After the release of the serf Sigena by Emperor Heinrich III in the year 1050, “Nuorenberc” or “Craggy Mount” entered into the history books through an official document. The city grew quickly and somewhat haphazardly down the southern slope of the mount on which the city fortress stood. Trading and manual skills were at the core of Nuremberg’s economic upswing. This upswing had a secondary effect in advancing the growth of charitable foundations, a generous municipal life and an abundance of the arts and music in the area. Emperors and Lords were common visitors to Nuremberg, and often stayed for months at a time. In 1356, during the reign of Karl IV, he was so impressed by the city of Nuremberg that he decreed that every newly elected German Kaiser must hold his first parliament in the city. In 1424 Nuremberg was at the height of its power and wealth. Emperor Karl VI decreed that Nuremberg would forevermore be the depository for all imperial regalia. This European metropolis was considered to be the centre of German Humanism (Celtis, Pirckheimer, and Schedel). At this point in the history of Nuremberg, a continuous stream of science, paintings, and sculpture were created. For example, Martin Behaim designed the first Globe; Peter Henlein invented the first pocket watch. Anton Koberger employed over 100 people on his printing press. The art of poetry was brought to a new level by Hans Sachs and Hans Rosendplüt. In the workshops of wood carver Veit Stoß, stone mason Adam Kraft, the bronze castings of the Vischer family and painter Albrecht Dürer the Nuremberg art movement was advanced all over Europe.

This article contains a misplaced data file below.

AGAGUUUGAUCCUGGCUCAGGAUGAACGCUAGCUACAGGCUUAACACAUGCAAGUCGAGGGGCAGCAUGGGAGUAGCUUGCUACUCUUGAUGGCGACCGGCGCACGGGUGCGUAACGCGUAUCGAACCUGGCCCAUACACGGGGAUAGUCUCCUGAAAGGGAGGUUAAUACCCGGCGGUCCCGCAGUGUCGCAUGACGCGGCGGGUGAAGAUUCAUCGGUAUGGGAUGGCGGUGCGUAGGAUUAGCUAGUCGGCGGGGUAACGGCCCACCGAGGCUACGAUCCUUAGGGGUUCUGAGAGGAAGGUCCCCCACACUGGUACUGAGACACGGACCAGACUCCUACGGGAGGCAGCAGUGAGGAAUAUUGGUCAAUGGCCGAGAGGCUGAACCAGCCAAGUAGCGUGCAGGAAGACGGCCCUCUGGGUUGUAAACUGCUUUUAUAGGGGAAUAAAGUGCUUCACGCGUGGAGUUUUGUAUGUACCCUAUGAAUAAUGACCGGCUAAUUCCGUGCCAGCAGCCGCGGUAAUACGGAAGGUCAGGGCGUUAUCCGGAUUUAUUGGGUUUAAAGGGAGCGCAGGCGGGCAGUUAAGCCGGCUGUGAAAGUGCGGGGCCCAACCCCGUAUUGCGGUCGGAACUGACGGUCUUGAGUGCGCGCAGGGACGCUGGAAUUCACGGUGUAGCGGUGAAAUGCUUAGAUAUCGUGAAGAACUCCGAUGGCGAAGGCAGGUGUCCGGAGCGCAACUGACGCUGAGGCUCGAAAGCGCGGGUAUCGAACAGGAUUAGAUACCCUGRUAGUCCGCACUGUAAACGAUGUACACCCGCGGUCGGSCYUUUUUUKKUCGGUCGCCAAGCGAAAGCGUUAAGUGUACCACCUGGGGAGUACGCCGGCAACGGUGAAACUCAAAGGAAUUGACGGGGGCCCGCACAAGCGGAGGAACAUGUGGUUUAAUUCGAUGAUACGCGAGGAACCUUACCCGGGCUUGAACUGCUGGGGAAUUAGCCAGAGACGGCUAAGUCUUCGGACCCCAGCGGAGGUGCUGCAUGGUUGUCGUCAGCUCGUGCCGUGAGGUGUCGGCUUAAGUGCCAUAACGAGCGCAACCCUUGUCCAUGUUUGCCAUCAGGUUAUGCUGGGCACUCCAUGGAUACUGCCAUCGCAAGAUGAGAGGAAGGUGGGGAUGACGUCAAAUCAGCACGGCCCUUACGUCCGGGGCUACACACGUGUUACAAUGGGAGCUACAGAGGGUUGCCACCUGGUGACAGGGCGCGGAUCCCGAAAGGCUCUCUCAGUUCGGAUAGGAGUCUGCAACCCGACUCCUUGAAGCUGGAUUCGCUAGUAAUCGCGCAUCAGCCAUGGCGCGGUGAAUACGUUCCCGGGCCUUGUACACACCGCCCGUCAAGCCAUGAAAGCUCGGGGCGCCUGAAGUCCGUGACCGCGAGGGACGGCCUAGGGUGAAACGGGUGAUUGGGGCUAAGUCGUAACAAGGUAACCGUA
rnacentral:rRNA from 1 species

The Thirty Years War and in the eighteenth century the discovery of an alternative trade route to the Sea greatly affected the city and its 50,000 inhabitants. Nuremberg became impoverished sinking into a long depression. The once independent imperial city was in 1806 integrated into the Bavarian Kingdom reawakening in 1835 to the sounds of the first German steam locomotive and a railway line between Nuremberg and Fuerth. The city started once more to experience growth through the reinstated entrepreneurial confidence of the Nuremberg citizens. Numerous factories and businesses developed and drove the economy with courage and strength. By 1881 Nuremberg realized its position as the “industrial heart of Bavaria” and managed to maintain this economic growth until the onset of World War II. Adolf Hitler chose, through a misunderstanding of German history Nuremberg as the most German of all German cities and the home for the "Reichsparteitage" (Empire Party Rallies). The citizens of Nuremberg paid dearly for Hitler’s choice as the city was almost completely destroyed in the final years of the Second World War. The reconstruction of the city after the so called “apocalypse” lasted many years leaving the city with an enormous financial burden. Today it is more than possible that Nuremberg could once again become “The City of the World” that it once was in the middle ages. Nuremberg is at the centre of one of the leading metropolitan areas in Europe. The city has managed however to maintain its ancient past and personal atmosphere, making it so delightful to tourists and visitors from all over the world. In the middle of a city with more than 500,000 residents one can find quaint traditional houses, impressive churches, a castle, and an old city wall that extends for more than five kilometres around the old historic city. Unique places of interest, such as the German National Museum, or the Documentation Centre, where the "Reichsparteitage" (Empire Party Rallies) were held, bring visitors from all over the world. The International Trade Exhibitions and Conferences bring professional businesspeople from all parts of the world to the city. Excellent restaurants and welcoming hotels flourish in the city of Nuremberg. This is all supported by a well developed and fully integrated transportation system. The city has annually some 2 million overnight visitors and 23 million day visitors. Nuremberg ranks within the top 10 most visited cities in Germany, and with one visit it is easy to see why.